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Whistle Tree Development Corporation, Inc - Ruling 2, April 4, 2003

Ruling 2, April 4, 2003


In the Matter of
the Notice of Intent to Revoke State Pollutant Discharge Elimination System (SPDES)

Permit No. NY-0030821

Ruling on Permittee's Motion
For a More Definite Statement

Whistle Tree Development Corporation, Inc.

April 4, 2003


With a cover letter dated March 19, 2003, the Permittee filed a motion for a more definite statement of the Department Staff's December 17, 2002 notice of intent to revoke. The Permittee made its request pursuant to Title 6 of the Official Compilation of Codes, Rules and Regulations of the State of New York (6NYCRR) 622.4.

The DEC Staff filed a notice in opposition to the Permittee's motion and an affirmation by Christopher J. Ritaccio, Esq., dated March 26, 2003. For the reasons discussed further below, the Staff opposes the Permittee's motion.

In a letter dated March 31, 2003, the Permittee replied to Mr. Ritaccio's affirmation.

Discussion and Ruling

According to the Permittee, the notice of intent to revoke is vague and ambiguous. The Permittee requested an order that would direct the Department Staff either to clarify the December 17, 2002 revocation notice, or to respond to written interrogatories attached as

Exhibit A to the Permittee's motion papers. The Permittee contended that the notice does not specify on which dates the incidents described therein allegedly occurred. The Permittee contended further that the notice does not specify which statutes and rules the Permittee allegedly violated. Without this relief, the Permittee argued that it would be severely prejudiced.

The DEC Staff argued that the Permittee is not entitled to the requested relief. The Staff objected to the Permittee's characterization that the December 17, 2003 revocation notice is equivalent to a notice of hearing or a complaint. To revoke a permit, the Staff contended that the Department may proceed in two ways. First, the Staff asserted that the Department may move to revoke a permit based on violations. Second, the Department may revoke a permit based on violations and seek civil penalties for the alleged violations. According to the Staff, the Department must serve a notice of hearing and complaint upon a permittee/respondent only if the Department seeks civil penalties. The Staff contended that the Permittee's arguments would apply only to the second option. Since the Staff is relying on the first option with respect to the captioned matter, the Staff argued there is no legal basis for granting the Permittee's clarification request. For similar reasons, the Staff argued that I should also deny the Permittee's request for leave to file interrogatories.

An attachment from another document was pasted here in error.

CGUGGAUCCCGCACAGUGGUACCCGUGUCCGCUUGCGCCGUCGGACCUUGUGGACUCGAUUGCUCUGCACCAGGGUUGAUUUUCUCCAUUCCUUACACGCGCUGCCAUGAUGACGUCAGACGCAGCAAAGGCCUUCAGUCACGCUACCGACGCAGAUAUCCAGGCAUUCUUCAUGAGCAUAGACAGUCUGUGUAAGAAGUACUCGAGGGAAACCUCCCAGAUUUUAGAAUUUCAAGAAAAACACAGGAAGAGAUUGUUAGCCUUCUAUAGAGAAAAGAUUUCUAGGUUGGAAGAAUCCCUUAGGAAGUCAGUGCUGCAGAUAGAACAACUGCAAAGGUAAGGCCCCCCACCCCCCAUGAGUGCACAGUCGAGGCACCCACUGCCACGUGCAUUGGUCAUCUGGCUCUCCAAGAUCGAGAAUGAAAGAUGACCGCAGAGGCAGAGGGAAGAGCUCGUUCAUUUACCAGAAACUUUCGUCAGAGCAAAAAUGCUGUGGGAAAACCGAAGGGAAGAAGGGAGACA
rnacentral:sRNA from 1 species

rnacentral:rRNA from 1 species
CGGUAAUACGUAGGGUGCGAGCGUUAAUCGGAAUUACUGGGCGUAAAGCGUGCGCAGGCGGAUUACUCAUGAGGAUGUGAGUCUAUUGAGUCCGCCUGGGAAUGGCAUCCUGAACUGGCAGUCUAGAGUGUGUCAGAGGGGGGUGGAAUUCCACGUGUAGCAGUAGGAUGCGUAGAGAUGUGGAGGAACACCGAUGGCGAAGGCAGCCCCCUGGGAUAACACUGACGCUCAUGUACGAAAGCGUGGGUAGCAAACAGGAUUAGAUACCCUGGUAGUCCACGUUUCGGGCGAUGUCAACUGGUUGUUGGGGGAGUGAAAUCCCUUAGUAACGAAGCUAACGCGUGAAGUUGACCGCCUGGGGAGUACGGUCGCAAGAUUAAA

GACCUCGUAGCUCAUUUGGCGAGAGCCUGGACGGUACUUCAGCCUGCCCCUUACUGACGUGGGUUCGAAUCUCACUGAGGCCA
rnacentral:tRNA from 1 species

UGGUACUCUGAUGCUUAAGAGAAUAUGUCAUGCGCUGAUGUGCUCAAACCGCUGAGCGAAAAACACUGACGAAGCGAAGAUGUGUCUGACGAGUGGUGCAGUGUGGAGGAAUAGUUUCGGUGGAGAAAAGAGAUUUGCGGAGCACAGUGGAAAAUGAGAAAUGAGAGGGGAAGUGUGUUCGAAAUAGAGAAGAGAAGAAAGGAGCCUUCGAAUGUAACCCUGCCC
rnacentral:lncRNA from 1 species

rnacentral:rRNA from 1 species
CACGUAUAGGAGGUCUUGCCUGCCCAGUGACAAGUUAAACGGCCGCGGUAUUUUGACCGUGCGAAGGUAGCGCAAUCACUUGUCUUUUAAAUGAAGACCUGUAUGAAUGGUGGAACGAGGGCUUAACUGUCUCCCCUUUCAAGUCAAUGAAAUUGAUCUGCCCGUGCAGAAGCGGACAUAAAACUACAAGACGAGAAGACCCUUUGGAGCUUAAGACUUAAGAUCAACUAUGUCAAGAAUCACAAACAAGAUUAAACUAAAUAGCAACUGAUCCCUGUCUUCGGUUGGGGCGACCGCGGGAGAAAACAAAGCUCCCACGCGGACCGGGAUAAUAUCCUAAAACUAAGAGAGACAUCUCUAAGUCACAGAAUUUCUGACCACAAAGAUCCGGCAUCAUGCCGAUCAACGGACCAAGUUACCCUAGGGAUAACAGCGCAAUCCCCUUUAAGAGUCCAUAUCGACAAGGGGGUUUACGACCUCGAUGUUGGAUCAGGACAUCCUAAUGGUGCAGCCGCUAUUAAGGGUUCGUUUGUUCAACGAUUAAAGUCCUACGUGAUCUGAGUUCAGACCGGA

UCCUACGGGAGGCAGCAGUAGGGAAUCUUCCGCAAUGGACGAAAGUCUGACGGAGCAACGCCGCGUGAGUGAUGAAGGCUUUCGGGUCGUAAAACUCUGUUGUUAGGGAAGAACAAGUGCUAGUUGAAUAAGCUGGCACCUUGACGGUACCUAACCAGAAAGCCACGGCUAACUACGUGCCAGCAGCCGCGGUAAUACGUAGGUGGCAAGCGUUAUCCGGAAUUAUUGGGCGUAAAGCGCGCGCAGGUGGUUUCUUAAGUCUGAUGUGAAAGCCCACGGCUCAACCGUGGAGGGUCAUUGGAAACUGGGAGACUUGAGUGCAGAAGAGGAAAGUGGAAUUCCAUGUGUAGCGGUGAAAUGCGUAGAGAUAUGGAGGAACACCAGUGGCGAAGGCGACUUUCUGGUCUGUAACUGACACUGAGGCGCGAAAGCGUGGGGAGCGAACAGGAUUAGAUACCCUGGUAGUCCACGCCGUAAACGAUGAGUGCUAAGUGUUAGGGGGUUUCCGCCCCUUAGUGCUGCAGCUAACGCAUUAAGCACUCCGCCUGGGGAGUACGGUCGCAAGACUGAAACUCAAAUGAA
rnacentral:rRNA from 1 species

The Staff argued further that the Permittee would not be prejudiced if its request for either clarification of the revocation notice, or leave to file interrogatories is denied. According to the Staff, the Permittee already has all the requested information because the Department provided the information to the Permittee in response to discovery demands made during the pending CPLR Article 78 proceeding. The pending court proceeding seeks judicial review of the Department's determination to deny the Permittee a variance with respect to the SPDES permit, which is the subject of this proceeding.

In the Permittee's reply letter dated March 31, 2003, the Permittee complained that the Department Staff's response to its motion was late, and requested that I disregard it. The Permittee denied the Staff's assertion that the Permittee has the information it requested.

Upon consideration of the Permittee's motion dated March 19, 2003, the Department Staff's response dated March 26, 2003 and the Permittee's reply letter dated March 31, 2003, I rule as follows. Pursuant to .621.14(a), the Department may revoke a permit at any time. Section 621.14(a) outlines the bases for revocation, which include, among other grounds, materially false or inaccurate statements in the permit application, failure by the permittee to comply with any terms or conditions of its permit, and noncompliance with previously issued permit conditions, provisions of the Environmental Conservation Law (ECL) or implementing regulations. The notice of intent to revoke must state the alleged facts or conduct supporting the revocation [.621.14(b)].